THE VEGETARIAN by Han Kang (Hogarth Books, 2015)
By turns surreal and nightmarish, this is a short but complex novel which is full of secrets.
In very broad terms I would describe it as a book about descending into silence and , quite possibly , incurable madness.
The main character is Yeong-hye who is, by all accounts, an unremarkable woman. In the words of her brother-in-law: “The only thing that was especially unusual about her was that she didn’t eat meat”.
Her husband is beyond himself with a combination of rage and repulsion over his wife’s sudden change in eating habits. Her father turns to violence and attempts to force feed her meat. She tries to kill herself and is eventually institutionalized. She gives the impression that she would be happy to die and/or become a tree. View full article »
For the past three years I have signed up to the Goodreads challenge and set myself a target of reading 50 books a year.
By hook or by crook I have met my goal in the past two years helped by including a few novellas and children’s books as the end of year deadline approaches.
On the grand scale of things, my achievements are modest – other users set and meet much higher figures. Still, I like having a record of my reading habits and get a childlike satisfaction from meeting a goal. View full article »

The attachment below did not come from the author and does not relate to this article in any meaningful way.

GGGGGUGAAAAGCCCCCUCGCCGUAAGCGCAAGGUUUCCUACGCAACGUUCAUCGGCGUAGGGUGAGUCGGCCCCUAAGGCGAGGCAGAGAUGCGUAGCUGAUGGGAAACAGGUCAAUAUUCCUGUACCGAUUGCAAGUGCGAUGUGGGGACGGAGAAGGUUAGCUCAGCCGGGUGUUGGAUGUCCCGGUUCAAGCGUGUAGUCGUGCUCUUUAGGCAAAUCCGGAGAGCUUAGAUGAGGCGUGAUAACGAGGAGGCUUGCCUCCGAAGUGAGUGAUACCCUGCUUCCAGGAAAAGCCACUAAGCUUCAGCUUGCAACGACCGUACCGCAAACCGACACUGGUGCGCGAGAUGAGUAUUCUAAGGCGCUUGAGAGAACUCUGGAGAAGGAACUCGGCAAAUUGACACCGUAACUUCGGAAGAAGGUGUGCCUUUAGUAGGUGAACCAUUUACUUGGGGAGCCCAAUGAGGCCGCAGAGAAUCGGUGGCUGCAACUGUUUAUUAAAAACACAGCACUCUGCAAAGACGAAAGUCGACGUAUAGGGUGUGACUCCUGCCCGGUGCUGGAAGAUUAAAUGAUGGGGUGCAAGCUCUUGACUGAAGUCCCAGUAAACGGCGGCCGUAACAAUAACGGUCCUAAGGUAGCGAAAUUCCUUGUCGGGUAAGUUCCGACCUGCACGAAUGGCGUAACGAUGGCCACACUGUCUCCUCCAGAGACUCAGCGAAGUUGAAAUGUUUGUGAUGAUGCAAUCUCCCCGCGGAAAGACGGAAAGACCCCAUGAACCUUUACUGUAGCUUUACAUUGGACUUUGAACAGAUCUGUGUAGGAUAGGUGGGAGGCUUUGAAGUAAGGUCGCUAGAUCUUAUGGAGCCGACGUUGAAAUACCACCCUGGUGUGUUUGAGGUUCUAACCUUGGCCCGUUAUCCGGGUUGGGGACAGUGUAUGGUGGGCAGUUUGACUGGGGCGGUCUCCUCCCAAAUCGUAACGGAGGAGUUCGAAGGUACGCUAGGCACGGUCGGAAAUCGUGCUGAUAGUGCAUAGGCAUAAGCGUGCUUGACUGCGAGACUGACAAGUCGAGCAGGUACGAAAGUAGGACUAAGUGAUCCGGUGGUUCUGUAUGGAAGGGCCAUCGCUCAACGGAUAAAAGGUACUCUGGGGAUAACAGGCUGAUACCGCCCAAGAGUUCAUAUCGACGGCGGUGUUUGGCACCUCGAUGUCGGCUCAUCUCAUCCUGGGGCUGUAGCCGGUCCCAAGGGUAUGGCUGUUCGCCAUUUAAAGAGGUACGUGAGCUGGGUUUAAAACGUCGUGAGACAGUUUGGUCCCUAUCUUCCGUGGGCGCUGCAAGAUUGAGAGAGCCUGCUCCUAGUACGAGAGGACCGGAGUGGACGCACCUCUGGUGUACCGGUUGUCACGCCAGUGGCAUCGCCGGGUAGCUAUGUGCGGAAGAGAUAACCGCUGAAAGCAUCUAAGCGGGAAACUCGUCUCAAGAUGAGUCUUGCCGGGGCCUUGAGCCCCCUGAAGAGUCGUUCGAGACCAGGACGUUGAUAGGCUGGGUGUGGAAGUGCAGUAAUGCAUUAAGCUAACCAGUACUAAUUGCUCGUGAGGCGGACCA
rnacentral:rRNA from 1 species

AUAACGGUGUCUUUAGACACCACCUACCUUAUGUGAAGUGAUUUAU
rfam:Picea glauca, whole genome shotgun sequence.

AWOPBOPALLOBOP ALOPBAMBOOM’ by Nik Cohn (Vintage Books, first published 1969)
This book was written when Jim Morrison, Mama Cass, Jimi Hendrix and Brian Jones were still alive and The Beatles were still together.
The main thing it has going for it is timing. In 1968, pop was still treated as a fad that would fade away so the smart papers didn’t give any serious coverage to its cultural import.
As a cocky, outspoken journalist Nik Cohn was in the right place at the right time and at just 22 had the added advantage of being the right age.
This is an insider’s guide, a fan’s view from the front row written in just seven weeks. Its strength is that Cohn captures the spontaneity of the age but it is seriously flawed by the lack of accuracy and astonishing lapses of judgement. View full article »
Richard Thompson in concert at Museo Internazionale delle Ceramiche, Faenza, Italy. 19th June 2016
How great is this? A pay on the door chance to see and hear at close quarters one of the great figures in contemporary folk-rock, and playing solo too.
This was meant to be an outside show in the grounds of Faenza’s elegant ceramic museum but the threat of rain prompted a late change of plans.
A makeshift stage was set up in the gallery space and plastic seats took the place of cushions.
The arrangements were made easier by the fact, that for a class act like Richard Thompson, all you need is a guitar and a glass of water. View full article »